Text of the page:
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(Referência obtida automaticamente do Web of Science, por meio da informação sobre o financiamento pela FAPESP e o número do processo correspondente, incluída na publicação pelos autores.)

A panmictic fiddler crab from the coast of Brazil? Impact of divergent ocean currents and larval dispersal potential on genetic and morphological variation in Uca maracoani

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Autor(es):
Wieman, A. C. [1] ; Berendzen, P. B. [1] ; Hampton, K. R. [1] ; Jang, J. [1] ; Hopkins, M. J. [2] ; Jurgenson, J. [1] ; McNamara, J. C. [3] ; Thurman, C. L. [1]
Número total de Autores: 8
Afiliação do(s) autor(es):
[1] Univ No Iowa, Dept Biol, Cedar Falls, IA 50614 - USA
[2] Univ Erlangen Nurnberg, GeoZentrum Nordbayern, D-91054 Erlangen - Germany
[3] Univ Sao Paulo, Dept Biol, FFCLRP, BR-14040901 Ribeirao Preto, SP - Brazil
Número total de Afiliações: 3
Tipo de documento: Artigo Científico
Fonte: Marine Biology; v. 161, n. 1, p. 173-185, JAN 2014.
Citações Web of Science: 21
Resumo

Marine species tend to exhibit relatively less population structuring than terrestrial species owing to fewer barriers to gene flow and increased connectivity resulting from greater dispersal abilities. Thus, in many cases, life history plays a more important role in phylogeography of marine taxa than do oceanographic features. Littoral species are of particular phylogeographic interest because they possess life histories that have both marine and terrestrial characteristics. This study evaluates the synergistic impact of divergent ocean currents and a high larval dispersal potential on the phylogeography of the fiddler crab, Uca maracoani, distributed along the coast of Brazil. Patterns of genetic variation were assessed with sequence data for a portion of the mitochondrial COI gene and AFLPs. Geometric morphometric techniques were used to evaluate morphological variation. Results revealed a lack of discernible genetic subdivision. However, geometric morphometrics showed statistically significant morphological differentiation. The absence of a clear phylogeographic pattern appears to be determined primarily by life history characteristics permitting a high level of connectivity. One, or a combination of several factors, may explain the incongruity between genetic and morphologic signatures, including phenotypic plasticity, incomplete lineage sorting, or recent and ongoing genetic divergence. (AU)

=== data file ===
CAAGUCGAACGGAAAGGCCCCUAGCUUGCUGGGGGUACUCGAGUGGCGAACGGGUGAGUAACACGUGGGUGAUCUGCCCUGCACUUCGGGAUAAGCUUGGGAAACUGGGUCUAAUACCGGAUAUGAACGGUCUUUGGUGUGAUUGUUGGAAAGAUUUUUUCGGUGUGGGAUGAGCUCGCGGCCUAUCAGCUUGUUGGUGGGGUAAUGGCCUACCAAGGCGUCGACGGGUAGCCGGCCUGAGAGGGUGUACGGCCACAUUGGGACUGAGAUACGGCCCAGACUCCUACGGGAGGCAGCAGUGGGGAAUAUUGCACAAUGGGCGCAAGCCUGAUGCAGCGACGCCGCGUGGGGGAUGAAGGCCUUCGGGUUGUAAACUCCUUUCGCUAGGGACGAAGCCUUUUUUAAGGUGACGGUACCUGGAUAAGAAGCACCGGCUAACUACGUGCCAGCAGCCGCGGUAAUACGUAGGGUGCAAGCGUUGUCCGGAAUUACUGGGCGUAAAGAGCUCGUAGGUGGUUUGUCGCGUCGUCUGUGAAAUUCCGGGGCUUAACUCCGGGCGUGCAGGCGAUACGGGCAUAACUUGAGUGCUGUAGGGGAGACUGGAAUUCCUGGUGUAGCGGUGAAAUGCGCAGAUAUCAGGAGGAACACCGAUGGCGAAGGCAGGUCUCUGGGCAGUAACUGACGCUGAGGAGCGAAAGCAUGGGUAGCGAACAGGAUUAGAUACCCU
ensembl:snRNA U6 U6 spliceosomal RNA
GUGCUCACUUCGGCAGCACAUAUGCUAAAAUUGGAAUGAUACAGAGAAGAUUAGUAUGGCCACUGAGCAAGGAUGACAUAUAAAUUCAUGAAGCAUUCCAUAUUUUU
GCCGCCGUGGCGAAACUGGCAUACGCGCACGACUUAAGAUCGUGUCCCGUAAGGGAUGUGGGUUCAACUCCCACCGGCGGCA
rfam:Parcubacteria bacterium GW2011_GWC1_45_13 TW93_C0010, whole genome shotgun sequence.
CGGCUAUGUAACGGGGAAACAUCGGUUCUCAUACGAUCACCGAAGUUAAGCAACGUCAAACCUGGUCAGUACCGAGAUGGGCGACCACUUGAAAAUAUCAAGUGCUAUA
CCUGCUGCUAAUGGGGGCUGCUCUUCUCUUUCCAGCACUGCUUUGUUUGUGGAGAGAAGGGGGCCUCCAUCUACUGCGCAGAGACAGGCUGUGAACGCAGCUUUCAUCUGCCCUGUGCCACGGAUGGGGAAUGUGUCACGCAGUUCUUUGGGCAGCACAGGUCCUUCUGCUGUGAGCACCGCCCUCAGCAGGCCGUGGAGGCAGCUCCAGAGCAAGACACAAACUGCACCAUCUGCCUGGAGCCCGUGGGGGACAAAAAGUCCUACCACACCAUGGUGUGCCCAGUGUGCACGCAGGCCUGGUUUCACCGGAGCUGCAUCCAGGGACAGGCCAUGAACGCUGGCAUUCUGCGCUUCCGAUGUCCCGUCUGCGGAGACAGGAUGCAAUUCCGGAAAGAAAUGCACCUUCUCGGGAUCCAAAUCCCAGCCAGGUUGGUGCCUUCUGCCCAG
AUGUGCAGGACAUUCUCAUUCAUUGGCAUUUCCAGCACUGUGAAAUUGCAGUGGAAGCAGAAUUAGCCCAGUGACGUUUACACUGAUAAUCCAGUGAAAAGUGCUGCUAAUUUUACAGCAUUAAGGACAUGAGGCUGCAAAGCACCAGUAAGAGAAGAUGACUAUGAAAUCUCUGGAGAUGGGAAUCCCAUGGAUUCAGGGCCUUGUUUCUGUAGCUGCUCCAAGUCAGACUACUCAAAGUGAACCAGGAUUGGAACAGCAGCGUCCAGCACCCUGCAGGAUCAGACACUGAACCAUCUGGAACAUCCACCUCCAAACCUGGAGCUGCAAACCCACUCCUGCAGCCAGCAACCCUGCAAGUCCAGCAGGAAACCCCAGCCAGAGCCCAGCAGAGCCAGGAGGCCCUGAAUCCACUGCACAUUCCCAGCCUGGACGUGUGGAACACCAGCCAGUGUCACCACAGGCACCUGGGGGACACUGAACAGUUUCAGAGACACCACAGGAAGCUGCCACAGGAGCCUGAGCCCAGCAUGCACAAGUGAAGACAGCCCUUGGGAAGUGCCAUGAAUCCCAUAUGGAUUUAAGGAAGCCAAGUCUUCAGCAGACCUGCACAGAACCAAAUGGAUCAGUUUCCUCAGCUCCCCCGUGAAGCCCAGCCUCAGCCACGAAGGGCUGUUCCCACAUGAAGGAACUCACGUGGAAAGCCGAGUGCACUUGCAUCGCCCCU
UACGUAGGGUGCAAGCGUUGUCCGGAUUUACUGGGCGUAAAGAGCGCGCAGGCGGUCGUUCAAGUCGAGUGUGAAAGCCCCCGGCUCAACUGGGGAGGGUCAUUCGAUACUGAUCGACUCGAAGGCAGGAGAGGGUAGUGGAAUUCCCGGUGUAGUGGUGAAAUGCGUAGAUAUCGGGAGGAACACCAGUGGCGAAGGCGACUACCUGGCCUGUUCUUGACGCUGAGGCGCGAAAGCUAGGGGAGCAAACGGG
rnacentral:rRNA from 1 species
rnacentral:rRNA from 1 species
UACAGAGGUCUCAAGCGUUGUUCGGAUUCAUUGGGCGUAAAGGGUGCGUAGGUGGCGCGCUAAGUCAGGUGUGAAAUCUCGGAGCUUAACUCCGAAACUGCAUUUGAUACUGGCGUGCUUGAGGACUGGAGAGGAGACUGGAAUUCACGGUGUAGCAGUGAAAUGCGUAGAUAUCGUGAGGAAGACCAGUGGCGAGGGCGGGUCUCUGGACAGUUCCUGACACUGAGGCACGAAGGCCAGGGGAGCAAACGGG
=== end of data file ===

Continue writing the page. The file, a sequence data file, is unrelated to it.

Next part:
Processo FAPESP: 09/50799-0 - Carl Leo Thurman II | University of Northern Iowa - Estados Unidos
Beneficiário:John Campbell McNamara
Linha de fomento: Auxílio à Pesquisa - Pesquisador Visitante - Internacional